ISSN 2330-717X

India Continues Talks With France For Rafale Warplanes – OpEd


India is yet to know or decide as to how much weapons it require for defence purposes and for terror operations in occupied Jammu Kashmir. That said, the way it keeps adding high precision arms to its budged arsenals only shows it has big plans for the region and beyond, although it seems to love arms as a habit much more than its neighbors do.

Obviously, New Delhi is eager to keep its neighbors under its control. In military deals of huge resources, many persons get shares as commission. The Indian military establishment is known for promoting corruption as part of its system. Former military chief Singh, now a cabinet member of the Modi government, had difficulties in exposing the black and grey military deals.

Negotiations are ongoing between France and India for a proposed $9 billion deal for the sale of 36 French-built Rafale warplanes to include an option for further purchases.

France and India have been negotiating for months after Indian Prime Minister Narendra Modi announced plans to buy 36 warplanes directly from the French government following the collapse of a larger commercial deal with Dassault Aviation in Paris. Dassault Aviation declined to comment. “The deal should be signed at the end of January and there is an option” for more jets, the sources close to the quiet talks said.

Talks have sped up in recent weeks ahead of a visit to India by French President Francois Hollande on January 25-27, and aides were said to be locked in discussions with Indian officials at France’s presidential offices on January 13. (Number 13 is considered as inauspicious according to official Hindu beliefs).

Indian government sources say the Rafale deal is politically done, paving the way for Hollande’s visit, though the country’s longstanding efforts to modernize its air force have been peppered with delays and premature hopes of a deal. The defence ministry said the all-in price for the 36 fighter jets, in fly-away condition, was 610 billion rupees ($9.1 billion).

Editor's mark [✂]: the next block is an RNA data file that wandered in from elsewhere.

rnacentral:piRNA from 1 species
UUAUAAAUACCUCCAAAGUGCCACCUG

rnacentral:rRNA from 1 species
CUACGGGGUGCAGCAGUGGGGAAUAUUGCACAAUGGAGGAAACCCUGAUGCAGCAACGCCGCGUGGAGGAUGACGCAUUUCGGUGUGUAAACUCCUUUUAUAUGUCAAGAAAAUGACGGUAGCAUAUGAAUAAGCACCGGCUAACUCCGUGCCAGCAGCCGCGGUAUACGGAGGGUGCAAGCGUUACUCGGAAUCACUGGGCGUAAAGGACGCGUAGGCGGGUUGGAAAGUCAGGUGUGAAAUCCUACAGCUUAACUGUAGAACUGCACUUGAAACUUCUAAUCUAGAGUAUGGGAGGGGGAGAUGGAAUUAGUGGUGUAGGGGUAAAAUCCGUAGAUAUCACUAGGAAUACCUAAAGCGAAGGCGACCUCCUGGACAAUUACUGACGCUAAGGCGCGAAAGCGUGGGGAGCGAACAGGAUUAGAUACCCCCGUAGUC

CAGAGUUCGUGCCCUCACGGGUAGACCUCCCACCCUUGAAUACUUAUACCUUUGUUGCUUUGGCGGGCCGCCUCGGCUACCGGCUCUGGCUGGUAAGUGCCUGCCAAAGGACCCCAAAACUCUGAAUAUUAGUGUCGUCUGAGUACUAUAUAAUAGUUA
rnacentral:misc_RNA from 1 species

Strategic experts see that an option for add-on purchases could give France an extra edge over USA and European rivals circling India’s lucrative arms market and allay concerns among India’s military about the strength of its ageing air force, which is at its weakest operational strength since the 1962 war against China. The source close to the talks played down a report that the options would cover 18 planes, expanding the potential deal by 50 percent. “No. The negotiations are ongoing” an official said.

To speedily facilitate the huge military deals with regular purchses, Indian military officials have warned their air force risks a major capability gap with China and Pakistan without new western warplanes, or if local defence contractors cannot produce what the military needs in a timely manner.

In October, Indian officials said the government had turned down the military’s request to expand the acquisition of 36 Dassault-built fighter planes to plug vital gaps, nudging it to accept an indigenous combat plane. In August, sources said talks to finalize the government-to-government deal for 36 jets had run into snags over the unit price and a condition that Dassault Aviation invests a big percentage of the deal’s value in India. Addressing that potential sticking point, the new contract may involve “offsets,” or local work, worth 30 percent of the value of the deal, an Indian defence source said.

The concerned departments in New Delhi, like the Foreign office, PMO, economic ministries are busy preparing a detailed plan of action during the forthcoming visit of French president.

As usual and as a routine formula, India could also ask the French president to endorse Indian “aspirations” for a seat on the discredited UNSC with a veto handle to control the world.

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Dr. Abdul Ruff

Dr. Abdul Ruff is a columnist contributing articles to many newspapers and journals on world politics. He is an expert on Mideast affairs, as well as a chronicler of foreign occupations and freedom movements (Palestine, Kashmir, Iraq, Afghanistan, Pakistan, Xinjiang, Chechnya, etc.). Dr. Ruff is a specialist on state terrorism, the Chancellor-Founder of Center for International Affairs (CIA), commentator on world affairs and sport fixings, and a former university teacher. He is the author of various eBooks/books and editor for INTERNATIONAL OPINION and editor for FOREIGN POLICY ISSUES; Palestine Times.

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